Posts Filed Under wine industry events
In today’s episode, you get highlights from wine personality and social media / business guru Gary Vaynerchuk‘s keynote speech at the synthetic cork producer Nomacorc-sponsored "Marketing to the Next Generation of Wine Consumers" conference that took place in Napa last week (at the beautiful Culinary Institute of America in St. Helena). They are things the wine industry probably doesn’t want to hear – but they desperately need to hear them.
I was part of panel at the event, in which we riffed on the main themes espoused by Gary in his fantastic keynote speech (which delivered some much-needed stern messages to the Napa wine industry – for a distillation of some of those messages, check out my article later this week on the Wines.com blog). If anyone who attended still thinks that Gary isn’t the real deal after his keynote, then they have their heads shoved into a part of their anatomy that requires a belly-button-window installation for them to see what’s really going on. Most importantly, Gary also finally admits that I am a handsome man (though I refrained from asking him to sign my chest as one male attendee did – thankfully I did NOT get that on video).
In today’s vid (at the 10:10 mark) I interview Gary about his new book, The Thank You Economy (a book that, well, crushes his previous release Crush It! and is Seth-Godin-level good – and will certainly further brighten his already-nearly-blindingly-brilliant star in the social media space). I also get his take on how different wine regions of the world are performing in terms of engaging their customers (hint: not well).
Enjoy (and make sure to get Gary’s new app at DailyGrape.com while you’re at it)!
By the way… Nomacorc makes a synthetic wine bottle closure that you can actually extract pretty easily with a corkscrew, so if I were a natural cork producer I’d be worried right now(although in that case I’d already be worried, having lost gobs of market share in the last few years because my product has something like a 2% failure rate… whatever…).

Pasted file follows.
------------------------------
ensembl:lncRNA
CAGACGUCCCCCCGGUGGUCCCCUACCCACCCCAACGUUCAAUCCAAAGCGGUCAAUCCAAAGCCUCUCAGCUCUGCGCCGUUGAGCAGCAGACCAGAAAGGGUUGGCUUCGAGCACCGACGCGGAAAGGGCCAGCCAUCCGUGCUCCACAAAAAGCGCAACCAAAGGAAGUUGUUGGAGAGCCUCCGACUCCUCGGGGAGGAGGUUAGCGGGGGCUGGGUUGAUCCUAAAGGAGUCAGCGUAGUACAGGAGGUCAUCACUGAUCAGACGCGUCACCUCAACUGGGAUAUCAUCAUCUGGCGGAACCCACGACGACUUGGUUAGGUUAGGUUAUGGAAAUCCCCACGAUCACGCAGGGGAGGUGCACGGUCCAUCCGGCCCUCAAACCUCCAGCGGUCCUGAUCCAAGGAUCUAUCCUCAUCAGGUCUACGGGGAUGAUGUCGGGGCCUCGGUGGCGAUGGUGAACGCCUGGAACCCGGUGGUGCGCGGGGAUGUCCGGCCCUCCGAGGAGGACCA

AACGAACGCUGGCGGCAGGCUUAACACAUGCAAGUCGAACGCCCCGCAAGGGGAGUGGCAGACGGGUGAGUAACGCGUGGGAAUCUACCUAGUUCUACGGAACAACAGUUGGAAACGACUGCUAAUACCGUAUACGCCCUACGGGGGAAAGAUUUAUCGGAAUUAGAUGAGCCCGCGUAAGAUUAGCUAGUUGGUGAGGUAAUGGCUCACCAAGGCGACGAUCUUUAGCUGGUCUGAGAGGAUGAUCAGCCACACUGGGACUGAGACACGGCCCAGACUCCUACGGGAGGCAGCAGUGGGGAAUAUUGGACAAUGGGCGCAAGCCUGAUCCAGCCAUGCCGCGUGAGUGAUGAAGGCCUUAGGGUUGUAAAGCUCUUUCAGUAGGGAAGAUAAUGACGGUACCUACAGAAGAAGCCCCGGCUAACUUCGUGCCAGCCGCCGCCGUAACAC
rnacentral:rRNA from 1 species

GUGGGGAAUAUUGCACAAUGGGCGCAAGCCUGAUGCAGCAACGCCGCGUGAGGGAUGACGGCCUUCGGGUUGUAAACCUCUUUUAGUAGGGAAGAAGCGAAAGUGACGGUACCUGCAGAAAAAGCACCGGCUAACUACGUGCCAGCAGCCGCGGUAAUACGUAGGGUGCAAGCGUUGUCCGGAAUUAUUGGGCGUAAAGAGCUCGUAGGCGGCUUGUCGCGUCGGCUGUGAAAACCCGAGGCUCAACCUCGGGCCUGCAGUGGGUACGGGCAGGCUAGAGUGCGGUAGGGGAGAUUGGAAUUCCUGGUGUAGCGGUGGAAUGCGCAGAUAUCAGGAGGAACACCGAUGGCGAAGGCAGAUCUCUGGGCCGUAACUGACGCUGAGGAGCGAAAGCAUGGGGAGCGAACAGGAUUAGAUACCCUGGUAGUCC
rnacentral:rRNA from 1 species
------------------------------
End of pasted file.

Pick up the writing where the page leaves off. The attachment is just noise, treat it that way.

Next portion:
The Scarecrow becomes Mrs. King of Napa Cult Cabs at Premiere Napa Valley Auction 2011, and you get to see the action in today’s vid. The record-setting winning Scarecrow bid is featured, as is a compelling one-of-a-kind wine story by Casa Nuestra (and lots of purple teeth)!
Some of my tasting notes are featured below after the jump, so stick around and check them out after you watch!
(reviews after the jump)…
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1) It is the darkest of times for wine writing. The general decline in the consumption of real journalistic reporting has resulted in immensely talented people being out of regular wine-writing-work. The black cloud enveloping the wine writing sphere is actually the dark cloak of the grim reaper; that silver lining you see is his scythe, gleaming against the available light, raised to the apex of its arc in his cold, bony hands, beginning its inexorable path to cut wine writing down at its haunches.
2) It is the brightest of times for wine writing, for those who are comfortable with ambiguity and have an entrepreneurial bent. Since information about wine is now being consumed in almost an infinite array of forms on-line (with no-to-low-cost barriers to entry to almost all of them), those with passion, drive, talent and business sense can earn a comfortable living – if they’re able to market themselves and build their own personal brands. Success stories include new and traditional media types (and those like Dominique Browning who have successfully leveraged both).